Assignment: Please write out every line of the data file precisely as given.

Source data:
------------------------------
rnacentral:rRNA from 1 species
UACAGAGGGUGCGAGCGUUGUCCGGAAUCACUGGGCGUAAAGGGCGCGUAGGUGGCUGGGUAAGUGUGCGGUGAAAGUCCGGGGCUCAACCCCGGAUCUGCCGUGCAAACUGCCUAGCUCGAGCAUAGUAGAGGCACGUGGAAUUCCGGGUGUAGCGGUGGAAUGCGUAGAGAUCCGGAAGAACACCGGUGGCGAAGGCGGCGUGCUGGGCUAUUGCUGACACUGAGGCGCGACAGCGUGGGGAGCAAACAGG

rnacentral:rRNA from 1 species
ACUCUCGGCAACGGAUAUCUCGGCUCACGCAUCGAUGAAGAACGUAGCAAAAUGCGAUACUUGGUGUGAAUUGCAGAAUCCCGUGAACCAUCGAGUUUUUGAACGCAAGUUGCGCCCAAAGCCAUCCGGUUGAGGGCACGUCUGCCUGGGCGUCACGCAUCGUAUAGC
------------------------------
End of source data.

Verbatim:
rnacentral:rRNA from 1 species
UACAGAGGGUGCGAGCGUUGUCCGGAAUCACUGGGCGUAAAGGGCGCGUAGGUGGCUGGGUAAGUGUGCGGUGAAAGUCCGGGGCUCAACCCCGGAUCUGCCGUGCAAACUGCCUAGCUCGAGCAUAGUAGAGGCACGUGGAAUUCCGGGUGUAGCGGUGGAAUGCGUAGAGAUCCGGAAGAACACCGGUGGCGAAGGCGGCGUGCUGGGCUAUUGCUGACACUGAGGCGCGACAGCGUGGGGAGCAAACAGG

rnacentral:rRNA from 1 species
ACUCUCGGCAACGGAUAUCUCGGCUCACGCAUCGAUGAAGAACGUAGCAAAAUGCGAUACUUGGUGUGAAUUGCAGAAUCCCGUGAACCAUCGAGUUUUUGAACGCAAGUUGCGCCCAAAGCCAUCCGGUUGAGGGCACGUCUGCCUGGGCGUCACGCAUCGUAUAGC